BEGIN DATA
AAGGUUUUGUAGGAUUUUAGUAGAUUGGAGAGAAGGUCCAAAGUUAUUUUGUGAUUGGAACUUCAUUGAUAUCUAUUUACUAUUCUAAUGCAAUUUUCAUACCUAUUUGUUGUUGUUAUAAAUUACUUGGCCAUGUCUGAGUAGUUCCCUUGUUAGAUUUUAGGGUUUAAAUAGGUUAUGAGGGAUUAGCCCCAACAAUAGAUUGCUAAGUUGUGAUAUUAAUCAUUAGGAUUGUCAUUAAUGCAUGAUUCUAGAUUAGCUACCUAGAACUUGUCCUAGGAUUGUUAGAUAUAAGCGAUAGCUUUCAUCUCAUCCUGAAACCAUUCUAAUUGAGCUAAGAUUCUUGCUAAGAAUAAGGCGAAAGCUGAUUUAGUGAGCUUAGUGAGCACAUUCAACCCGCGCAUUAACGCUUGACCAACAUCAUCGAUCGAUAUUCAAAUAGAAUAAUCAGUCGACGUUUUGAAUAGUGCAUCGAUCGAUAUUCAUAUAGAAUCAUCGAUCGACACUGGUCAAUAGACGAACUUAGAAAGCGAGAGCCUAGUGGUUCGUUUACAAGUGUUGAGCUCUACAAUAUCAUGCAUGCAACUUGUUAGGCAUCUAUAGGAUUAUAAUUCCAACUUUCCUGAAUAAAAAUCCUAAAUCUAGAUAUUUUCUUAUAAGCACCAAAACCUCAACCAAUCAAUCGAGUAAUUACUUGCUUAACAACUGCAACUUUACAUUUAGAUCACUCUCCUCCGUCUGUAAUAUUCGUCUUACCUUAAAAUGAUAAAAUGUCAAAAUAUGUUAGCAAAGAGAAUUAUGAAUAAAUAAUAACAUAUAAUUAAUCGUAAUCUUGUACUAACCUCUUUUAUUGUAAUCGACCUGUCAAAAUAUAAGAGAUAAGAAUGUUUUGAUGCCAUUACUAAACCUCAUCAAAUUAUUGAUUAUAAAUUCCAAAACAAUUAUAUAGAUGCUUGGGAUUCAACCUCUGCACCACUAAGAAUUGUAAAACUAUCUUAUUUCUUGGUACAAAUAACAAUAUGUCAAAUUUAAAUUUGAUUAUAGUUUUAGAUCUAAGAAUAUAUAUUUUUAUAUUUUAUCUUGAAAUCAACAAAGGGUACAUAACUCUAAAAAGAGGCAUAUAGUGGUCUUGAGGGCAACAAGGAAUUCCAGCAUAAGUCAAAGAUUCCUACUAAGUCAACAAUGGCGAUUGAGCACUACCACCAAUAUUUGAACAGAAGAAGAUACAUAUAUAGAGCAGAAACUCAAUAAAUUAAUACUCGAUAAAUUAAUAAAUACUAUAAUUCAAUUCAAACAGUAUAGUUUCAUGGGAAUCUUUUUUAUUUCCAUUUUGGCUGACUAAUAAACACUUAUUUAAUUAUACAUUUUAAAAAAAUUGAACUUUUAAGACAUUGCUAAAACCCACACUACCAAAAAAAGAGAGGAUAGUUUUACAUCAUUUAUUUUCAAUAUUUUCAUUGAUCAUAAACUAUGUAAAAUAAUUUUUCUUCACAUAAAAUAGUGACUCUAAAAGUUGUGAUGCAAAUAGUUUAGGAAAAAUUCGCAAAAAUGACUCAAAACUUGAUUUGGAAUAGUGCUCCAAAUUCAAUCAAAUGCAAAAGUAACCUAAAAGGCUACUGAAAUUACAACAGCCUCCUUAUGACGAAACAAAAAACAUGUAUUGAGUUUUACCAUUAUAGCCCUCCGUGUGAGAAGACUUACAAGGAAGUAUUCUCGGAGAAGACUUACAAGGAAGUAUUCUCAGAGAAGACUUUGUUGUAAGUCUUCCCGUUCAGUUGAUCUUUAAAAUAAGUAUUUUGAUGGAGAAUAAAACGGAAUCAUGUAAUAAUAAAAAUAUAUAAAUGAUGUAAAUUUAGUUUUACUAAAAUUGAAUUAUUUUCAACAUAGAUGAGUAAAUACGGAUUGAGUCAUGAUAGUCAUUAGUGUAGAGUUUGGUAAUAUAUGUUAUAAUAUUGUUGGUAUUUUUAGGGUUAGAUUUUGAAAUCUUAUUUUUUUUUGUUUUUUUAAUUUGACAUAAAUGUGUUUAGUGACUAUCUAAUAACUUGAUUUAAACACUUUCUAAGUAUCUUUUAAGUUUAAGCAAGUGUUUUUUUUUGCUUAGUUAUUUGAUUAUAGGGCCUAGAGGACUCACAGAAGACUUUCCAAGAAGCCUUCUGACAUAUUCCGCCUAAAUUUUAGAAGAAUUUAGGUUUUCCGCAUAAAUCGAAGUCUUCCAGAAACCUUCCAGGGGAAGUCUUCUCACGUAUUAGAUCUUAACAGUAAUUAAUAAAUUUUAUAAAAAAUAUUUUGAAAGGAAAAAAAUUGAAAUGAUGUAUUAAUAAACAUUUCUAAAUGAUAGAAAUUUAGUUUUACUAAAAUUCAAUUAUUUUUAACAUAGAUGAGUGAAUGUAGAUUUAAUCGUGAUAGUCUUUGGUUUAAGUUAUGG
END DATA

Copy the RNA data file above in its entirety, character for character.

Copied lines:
AAGGUUUUGUAGGAUUUUAGUAGAUUGGAGAGAAGGUCCAAAGUUAUUUUGUGAUUGGAACUUCAUUGAUAUCUAUUUACUAUUCUAAUGCAAUUUUCAUACCUAUUUGUUGUUGUUAUAAAUUACUUGGCCAUGUCUGAGUAGUUCCCUUGUUAGAUUUUAGGGUUUAAAUAGGUUAUGAGGGAUUAGCCCCAACAAUAGAUUGCUAAGUUGUGAUAUUAAUCAUUAGGAUUGUCAUUAAUGCAUGAUUCUAGAUUAGCUACCUAGAACUUGUCCUAGGAUUGUUAGAUAUAAGCGAUAGCUUUCAUCUCAUCCUGAAACCAUUCUAAUUGAGCUAAGAUUCUUGCUAAGAAUAAGGCGAAAGCUGAUUUAGUGAGCUUAGUGAGCACAUUCAACCCGCGCAUUAACGCUUGACCAACAUCAUCGAUCGAUAUUCAAAUAGAAUAAUCAGUCGACGUUUUGAAUAGUGCAUCGAUCGAUAUUCAUAUAGAAUCAUCGAUCGACACUGGUCAAUAGACGAACUUAGAAAGCGAGAGCCUAGUGGUUCGUUUACAAGUGUUGAGCUCUACAAUAUCAUGCAUGCAACUUGUUAGGCAUCUAUAGGAUUAUAAUUCCAACUUUCCUGAAUAAAAAUCCUAAAUCUAGAUAUUUUCUUAUAAGCACCAAAACCUCAACCAAUCAAUCGAGUAAUUACUUGCUUAACAACUGCAACUUUACAUUUAGAUCACUCUCCUCCGUCUGUAAUAUUCGUCUUACCUUAAAAUGAUAAAAUGUCAAAAUAUGUUAGCAAAGAGAAUUAUGAAUAAAUAAUAACAUAUAAUUAAUCGUAAUCUUGUACUAACCUCUUUUAUUGUAAUCGACCUGUCAAAAUAUAAGAGAUAAGAAUGUUUUGAUGCCAUUACUAAACCUCAUCAAAUUAUUGAUUAUAAAUUCCAAAACAAUUAUAUAGAUGCUUGGGAUUCAACCUCUGCACCACUAAGAAUUGUAAAACUAUCUUAUUUCUUGGUACAAAUAACAAUAUGUCAAAUUUAAAUUUGAUUAUAGUUUUAGAUCUAAGAAUAUAUAUUUUUAUAUUUUAUCUUGAAAUCAACAAAGGGUACAUAACUCUAAAAAGAGGCAUAUAGUGGUCUUGAGGGCAACAAGGAAUUCCAGCAUAAGUCAAAGAUUCCUACUAAGUCAACAAUGGCGAUUGAGCACUACCACCAAUAUUUGAACAGAAGAAGAUACAUAUAUAGAGCAGAAACUCAAUAAAUUAAUACUCGAUAAAUUAAUAAAUACUAUAAUUCAAUUCAAACAGUAUAGUUUCAUGGGAAUCUUUUUUAUUUCCAUUUUGGCUGACUAAUAAACACUUAUUUAAUUAUACAUUUUAAAAAAAUUGAACUUUUAAGACAUUGCUAAAACCCACACUACCAAAAAAAGAGAGGAUAGUUUUACAUCAUUUAUUUUCAAUAUUUUCAUUGAUCAUAAACUAUGUAAAAUAAUUUUUCUUCACAUAAAAUAGUGACUCUAAAAGUUGUGAUGCAAAUAGUUUAGGAAAAAUUCGCAAAAAUGACUCAAAACUUGAUUUGGAAUAGUGCUCCAAAUUCAAUCAAAUGCAAAAGUAACCUAAAAGGCUACUGAAAUUACAACAGCCUCCUUAUGACGAAACAAAAAACAUGUAUUGAGUUUUACCAUUAUAGCCCUCCGUGUGAGAAGACUUACAAGGAAGUAUUCUCGGAGAAGACUUACAAGGAAGUAUUCUCAGAGAAGACUUUGUUGUAAGUCUUCCCGUUCAGUUGAUCUUUAAAAUAAGUAUUUUGAUGGAGAAUAAAACGGAAUCAUGUAAUAAUAAAAAUAUAUAAAUGAUGUAAAUUUAGUUUUACUAAAAUUGAAUUAUUUUCAACAUAGAUGAGUAAAUACGGAUUGAGUCAUGAUAGUCAUUAGUGUAGAGUUUGGUAAUAUAUGUUAUAAUAUUGUUGGUAUUUUUAGGGUUAGAUUUUGAAAUCUUAUUUUUUUUUGUUUUUUUAAUUUGACAUAAAUGUGUUUAGUGACUAUCUAAUAACUUGAUUUAAACACUUUCUAAGUAUCUUUUAAGUUUAAGCAAGUGUUUUUUUUUGCUUAGUUAUUUGAUUAUAGGGCCUAGAGGACUCACAGAAGACUUUCCAAGAAGCCUUCUGACAUAUUCCGCCUAAAUUUUAGAAGAAUUUAGGUUUUCCGCAUAAAUCGAAGUCUUCCAGAAACCUUCCAGGGGAAGUCUUCUCACGUAUUAGAUCUUAACAGUAAUUAAUAAAUUUUAUAAAAAAUAUUUUGAAAGGAAAAAAAUUGAAAUGAUGUAUUAAUAAACAUUUCUAAAUGAUAGAAAUUUAGUUUUACUAAAAUUCAAUUAUUUUUAACAUAGAUGAGUGAAUGUAGAUUUAAUCGUGAUAGUCUUUGGUUUAAGUUAUGG